“Eventually, as our medical records begin to share more and more information, the benefit of our programming will ensure that a patient who has invested in genetic testing will benefit from it throughout their lifetime,” said Dr. Gregornik.

Refer patients to the Children’s Minnesota pharmacogenomics program

Children and adolescents may be referred by their primary pediatrician or other specialist to make an appointment in the Children’s Minnesota Pharmacogenomics Clinic. 

“Our work complements the referring clinician’s care plan. We work closely together to ensure that prescribed medications are efficient, effective and don’t cause undue side effects,” said Dr. Gregornik. 

Once a patient has been referred to our program, the next steps include: 

  • Step 1: In the first appointment, our team will capture a child’s complete medical history and talk through current experiences with medications. If pharmacogenomics testing sounds like the best plan of action, our team will order the appropriate test.
  • Step 2: In the second appointment, the team will review the test results with a focus on current medication concerns. The test results help us understand the patient’s gene make up and how their body will break down medications. Along with the test results, our team of specialists will take into account the patient’s age, weight, other medications they’re taking, health behaviors and environment to make our recommendations.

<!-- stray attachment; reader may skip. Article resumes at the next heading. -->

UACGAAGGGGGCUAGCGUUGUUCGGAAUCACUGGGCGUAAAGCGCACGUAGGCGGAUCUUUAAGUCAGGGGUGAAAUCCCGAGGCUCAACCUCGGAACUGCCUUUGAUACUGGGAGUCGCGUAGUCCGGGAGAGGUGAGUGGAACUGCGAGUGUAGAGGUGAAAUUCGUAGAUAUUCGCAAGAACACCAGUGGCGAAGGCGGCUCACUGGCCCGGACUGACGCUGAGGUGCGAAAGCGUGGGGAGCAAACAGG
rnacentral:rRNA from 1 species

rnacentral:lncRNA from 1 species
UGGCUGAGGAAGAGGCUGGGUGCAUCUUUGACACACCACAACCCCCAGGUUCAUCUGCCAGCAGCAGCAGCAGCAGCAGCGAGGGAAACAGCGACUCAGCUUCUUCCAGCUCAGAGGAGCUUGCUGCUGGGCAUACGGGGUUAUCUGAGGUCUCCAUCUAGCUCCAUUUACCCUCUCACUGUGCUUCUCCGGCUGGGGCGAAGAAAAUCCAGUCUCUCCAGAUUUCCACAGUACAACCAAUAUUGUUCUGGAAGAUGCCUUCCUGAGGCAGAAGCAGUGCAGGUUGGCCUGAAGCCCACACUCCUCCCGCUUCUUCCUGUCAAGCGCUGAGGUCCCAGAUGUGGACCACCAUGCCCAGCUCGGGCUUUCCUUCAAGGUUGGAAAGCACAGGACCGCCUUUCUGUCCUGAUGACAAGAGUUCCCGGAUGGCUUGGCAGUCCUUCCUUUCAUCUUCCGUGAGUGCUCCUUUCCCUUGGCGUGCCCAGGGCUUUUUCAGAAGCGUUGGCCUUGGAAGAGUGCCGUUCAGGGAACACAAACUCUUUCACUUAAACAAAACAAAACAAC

• Step 3: The pharmacogenomics team will use the results of the test and work with the child’s health care provider(s) to adjust medications and dosages in order to improve their effectiveness and minimize side effects.  

Please note: Having pharmacogenomic test results prior to prescribing certain medications is key to data-driven selection and dosing decisions and, in many cases, isn’t covered by insurance. The pharmacogenomics team at Children’s Minnesota recognizes the need to reduce out-of-pocket costs and testing turnaround time and is working on options to improve both for patient families.  

For a consult or patient referral, please call the Children’s Minnesota Physician Access at 866-755-2121. 

Alexandra Rothstein